As an historical matter, the destruction of the Temple did not result in a cessation of conversions to Judaism.  It is quite possible that the number of full-fledged converts and God-fearers (non-Jews who adopted some Judaic practices) increased during the late first and early second centuries.  The practical impossibility of offering the convert’s sacrifice was, essentially, solely of academic or technical theological concern; in the event, it did not prevent anyone from switching denominational affiliation.
The sages themselves were divided about which conversion rituals were absolutely essential, to the point of post factum denying the validity of some conversions. Rabbi Eliezer held that only circumcision was essential and that a man could enter the Judaic covenant without immersion.  Rabbi Joshua held that immersion is also indispensable (Yerushalmi Kiddushin 64d).  According to the Babylonian Talmud, Rabbi Joshua held that immersion alone, even absent circumcision, suffices (Yebamoth 46a).  These sources do not even address the issue of the convert’s inability to offer animal sacrifices, leading to the inference that, by the second Tannaitic generation, nobody had any reservation about the Jewishness of recent proselytes.  [It is likely that, even when the Temple still stood, the convert’s sacrifice (or lack thereof) had no bearing on recognition of the individual’s religious status, since there were many converts to Judaism who lived in regions geographically distant from Jerusalem (that is, for whom the Temple was, literally, inaccessible).]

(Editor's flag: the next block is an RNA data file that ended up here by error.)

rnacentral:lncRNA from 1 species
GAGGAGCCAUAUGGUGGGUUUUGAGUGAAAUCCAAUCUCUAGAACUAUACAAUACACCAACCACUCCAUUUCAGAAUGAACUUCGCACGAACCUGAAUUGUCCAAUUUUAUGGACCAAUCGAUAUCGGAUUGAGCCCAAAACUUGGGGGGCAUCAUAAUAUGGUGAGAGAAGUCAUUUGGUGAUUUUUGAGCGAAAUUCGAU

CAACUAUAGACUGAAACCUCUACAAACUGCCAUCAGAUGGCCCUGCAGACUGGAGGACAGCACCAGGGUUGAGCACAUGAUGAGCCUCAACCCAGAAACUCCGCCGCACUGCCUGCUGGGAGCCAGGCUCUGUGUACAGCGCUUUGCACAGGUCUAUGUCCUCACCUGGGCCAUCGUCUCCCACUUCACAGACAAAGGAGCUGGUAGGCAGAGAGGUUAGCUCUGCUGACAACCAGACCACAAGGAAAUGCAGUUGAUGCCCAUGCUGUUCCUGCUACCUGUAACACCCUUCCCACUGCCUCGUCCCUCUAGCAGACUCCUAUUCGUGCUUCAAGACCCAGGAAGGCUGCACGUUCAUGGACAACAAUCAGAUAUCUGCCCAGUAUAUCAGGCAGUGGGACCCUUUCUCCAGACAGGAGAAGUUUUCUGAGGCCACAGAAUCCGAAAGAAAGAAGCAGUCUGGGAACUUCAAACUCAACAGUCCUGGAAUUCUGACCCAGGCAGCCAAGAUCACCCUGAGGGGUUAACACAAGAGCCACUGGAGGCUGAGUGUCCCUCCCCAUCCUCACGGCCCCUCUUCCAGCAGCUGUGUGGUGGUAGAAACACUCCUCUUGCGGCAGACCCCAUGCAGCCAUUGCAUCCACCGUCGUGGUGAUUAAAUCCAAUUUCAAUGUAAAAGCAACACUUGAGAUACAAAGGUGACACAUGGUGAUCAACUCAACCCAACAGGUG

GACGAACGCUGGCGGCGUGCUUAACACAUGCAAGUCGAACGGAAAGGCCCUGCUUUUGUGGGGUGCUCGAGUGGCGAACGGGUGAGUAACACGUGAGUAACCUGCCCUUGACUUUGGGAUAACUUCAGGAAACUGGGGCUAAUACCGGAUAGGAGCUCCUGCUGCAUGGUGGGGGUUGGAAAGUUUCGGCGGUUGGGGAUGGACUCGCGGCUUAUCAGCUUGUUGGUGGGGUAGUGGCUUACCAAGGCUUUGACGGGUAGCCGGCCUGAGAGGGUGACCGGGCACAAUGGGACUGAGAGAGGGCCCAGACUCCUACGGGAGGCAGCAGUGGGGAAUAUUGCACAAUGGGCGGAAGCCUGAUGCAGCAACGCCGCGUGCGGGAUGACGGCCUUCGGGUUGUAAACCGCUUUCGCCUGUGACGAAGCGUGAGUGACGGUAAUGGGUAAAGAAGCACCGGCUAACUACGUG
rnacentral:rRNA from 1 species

And yet, the requirement for converts to bring an animal or bird offering could not be entirely ignored.  In the immediate post-Second Temple period, it was determined that proselytes must set aside a quarter-dinar to purchase a bird offering in anticipation of the Temple’s being rebuilt (Yerushalmi Shekalim 51a). According to both the Babylonian and Jerusalem Talmud, this ruling was overturned by Rabban Yochanan ben Zakkai as a precaution against misuse מפני התקלה. There was a reasonable concern that if sanctified money was stored for a lengthy period of time it would eventually be misappropriated for mundane use.
The great twentieth century Jewish historian Gedaliah Alon doubted the claim that Rabban Yochanan ben Zakkai was responsible for abolishing the convert’s quarter-dinar obligation.  He noted that in the Talmud this legislative action is attributed by Rabbi Simon to the much earlier RYBZ, while in the Tosefta this view is stated by Rabbi Simon without attributing it to any specific rabbinic figure of the previous generations (Tosefta Shekalim 3:22).  Furthermore, the Talmud states that the quarter-dinar obligation was imposed upon converts בזמן הזה, “in our times,” i.e. post the destruction of the Second Temple (Rosh Hashanah 31b).